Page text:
ChessNimThis game was invented by Alfred Pfeiffer, 1997/1998. ed.
The name "CHESSNIM" is the composition of the words "CHESS" and "NIM".
"Nim" is a category of games, were the players have to reduce an given amount of items to zero and the player who does the last move wins. In this game the items to reduce are the "free" fields of the board (i.e., the empty squares that are not attacked by any piece.
The game is realized with the chess-typical material, but the pieces are to be dropped on the board, not to be moved.
Definition:A field is called "free" if it is empty and not threatened by any piece.
The goal of the game is to be be the last who dropped a piece.
- The players choose a board to play on it (by lots or by an agreement). If nothing is declared use the standard board (8x8).
- The players choose a set of pieces to play with it.
If nothing is declared use the standard set of the normal chess
Instead of or additional to the normal chess set you may use any number and types of pieces (from other chess variants or fairy chess). Also an unlimited number of pieces is possible.
The king is an ordinary piece without any special "royal" properties. This game has no concept of "check", "mate" etc.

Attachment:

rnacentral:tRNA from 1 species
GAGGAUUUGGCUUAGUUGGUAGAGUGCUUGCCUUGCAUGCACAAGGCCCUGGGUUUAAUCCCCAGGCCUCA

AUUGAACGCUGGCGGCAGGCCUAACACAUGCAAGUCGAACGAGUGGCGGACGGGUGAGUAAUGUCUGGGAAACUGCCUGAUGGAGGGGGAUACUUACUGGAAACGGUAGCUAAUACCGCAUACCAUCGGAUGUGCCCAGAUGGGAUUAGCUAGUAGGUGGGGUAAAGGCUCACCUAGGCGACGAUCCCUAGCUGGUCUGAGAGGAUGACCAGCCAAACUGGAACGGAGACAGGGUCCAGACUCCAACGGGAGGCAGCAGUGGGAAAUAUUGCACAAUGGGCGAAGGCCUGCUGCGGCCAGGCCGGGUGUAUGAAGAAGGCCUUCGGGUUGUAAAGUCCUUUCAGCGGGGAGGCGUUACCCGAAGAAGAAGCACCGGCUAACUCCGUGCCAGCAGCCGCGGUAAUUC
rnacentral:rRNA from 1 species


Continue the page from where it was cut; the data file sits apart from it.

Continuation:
Pawns are allowed to be dropped to the first rank of the board (seen from the side of the dropping player).
In case of boards with holes should be valid (if nothing else is agreed): Jumping pieces (knight, alfil, nightrider, dabbaba, ...) attack over the non-existing squares, other (sliding) pieces do not so.
- At the beginning of the game the board is empty. The white player starts by dropping one of his pieces on the board. In the following the players drop alternately a piece to an empty square.
- The player who has the duty to drop a piece has to fulfil the
The number of free squares after his drop must be less than before the drop.
If he reduced the number of free squares to zero he has won.
- A player loses the game if he cannot make a drop according to the above rule.
|Board:||Standard ( 8 x 8 )|
|Pieces:||Kings only (unlimited number)|
Written by Alfred Pfeiffer, Jan. 1998. Two editioral comments added by Hans Bodlaender.
WWW page created: February 2, 1998.